2. In about 2016 when it originally looked like TLS 1.3 was almost finished, the middlebox vendors finally noticed something was happening and began yelling about how their products had "legitimate" ‡ uses that would be blocked by these improvements and it all needed re-thinking.

Fortunately (or perhaps inevitably) the middlebox vendors have no idea how the IETF works, so they spent a lot of effort on trying to "win votes" which should have anybody who was somehow unaware of this drama but involved with the IETF smiling since there are no votes and you can't win. They also, like typical business people, figured they could fly in to meetings in say, Singapore or London, and spin up at the meeting, but of course those meetings are just a temporary physical incarnation of the IETF, it exists all the time as mailing lists, so if you aren't following those lists you're basically always a kid who wandered into a room where people are having grown-up discussions you can't understand.

3. After a surprisingly long time the middlebox vendors got the hint and went to ETSI to make their own alternative. ETSI is a traditional SDO which is perfectly happy to work on a standard without any messy ethical considerations. It is also, like most traditional SDOs, closed door, so we have only limited visibility of what they're up to. So far it looks like TLS 1.2 (so, bad) but with the ability for an arbitrary number of middleboxes to interact with all the packets on path (so, worse).

It's OK though because under their ETSI proposal the user will "Consent" to this. If you've spent the last month mindlessly clicking through GDPR-inspired boxes on US web sites you regularly visit, or indeed if you're the new hire who has just this moment realised why the big boss decided he needed her with him on this trip, and is now calculating whether to say "No" and risk losing everything or to close her eyes and pretend this is happening to somebody else you have a very good idea what "Consent" means in this context.

‡ "Legitimate" is a word you use when it's important for people to accept that what you're doing is OK, without them thinking about what you were actually doing because they might throw up. "Bribe officials to ignore flagrant safety violations" makes you angry but "Legitimate facilitation payment" sounds very respectable.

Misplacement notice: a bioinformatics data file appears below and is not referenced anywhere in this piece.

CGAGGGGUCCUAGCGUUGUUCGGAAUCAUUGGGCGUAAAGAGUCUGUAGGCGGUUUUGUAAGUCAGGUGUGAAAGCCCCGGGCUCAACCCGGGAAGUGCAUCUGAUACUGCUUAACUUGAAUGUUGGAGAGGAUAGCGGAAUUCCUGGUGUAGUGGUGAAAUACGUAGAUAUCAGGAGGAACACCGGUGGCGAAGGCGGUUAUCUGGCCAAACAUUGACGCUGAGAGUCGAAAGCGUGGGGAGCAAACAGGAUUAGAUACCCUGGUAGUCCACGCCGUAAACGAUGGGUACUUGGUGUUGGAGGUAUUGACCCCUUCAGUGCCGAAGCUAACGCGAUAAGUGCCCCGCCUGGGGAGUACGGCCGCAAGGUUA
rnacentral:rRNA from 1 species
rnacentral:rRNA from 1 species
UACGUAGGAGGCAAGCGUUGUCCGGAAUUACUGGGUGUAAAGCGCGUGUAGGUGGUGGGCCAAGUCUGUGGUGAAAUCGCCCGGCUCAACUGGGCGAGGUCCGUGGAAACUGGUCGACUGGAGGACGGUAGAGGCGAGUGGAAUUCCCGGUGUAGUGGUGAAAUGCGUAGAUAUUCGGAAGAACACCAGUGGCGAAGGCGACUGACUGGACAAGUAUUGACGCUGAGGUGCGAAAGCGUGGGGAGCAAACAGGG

Personally, I understood when the ClientHello was changed to deal with TLS version intolerant servers, but disliked the middlebox changes in the ServerHello.


[flagged]


This isn't "the standard mirroring whatever Google feels".


"In short, we plan to regularly mint new TLS versions (and likely other sensitive parameters such as extensions), roughly every six weeks matching Chrome’s release cycle."


Those are internal TLS versions used only by Chrome; they're not being promoted as a "standard".

I don't know if this is an instance of it, but there's an annoying phenomenon where people on message boards like to pretend that standards have near-statutory authority; that once a standard is issued, every vendor has to adhere to it no matter what their purpose.

Were that to be your argument here, you'd in effect be arguing that Google can't deviate from the TLS 1.3 standard even to help TLS standardization efforts.


I was trying to point out how middleware vendors' implementations of standards will always monkey with somebody else's client/server model, and that the idea of "well let's just add some features to this standard and expect things to keep working" is a fool's errand. They can monkey with the standards all they like, but the way they're doing it is doomed to failure.

Separate from that I was just kind of chuckling at how their proposal is literally "we're shipping out changes with Chrome so you guys can either get on the bandwagon or figure something else out".


Nobody else needs to get on the bandwagon. The whole point of the experiment is that standards-compliant software won't care about what Google is doing; the only things that should be impacted are middleboxes that violate the standard.


Interesting idea, but why inflict this churn on all Chrome users? Just make a standalone client that runs through all possible variations so that server developers can test against it.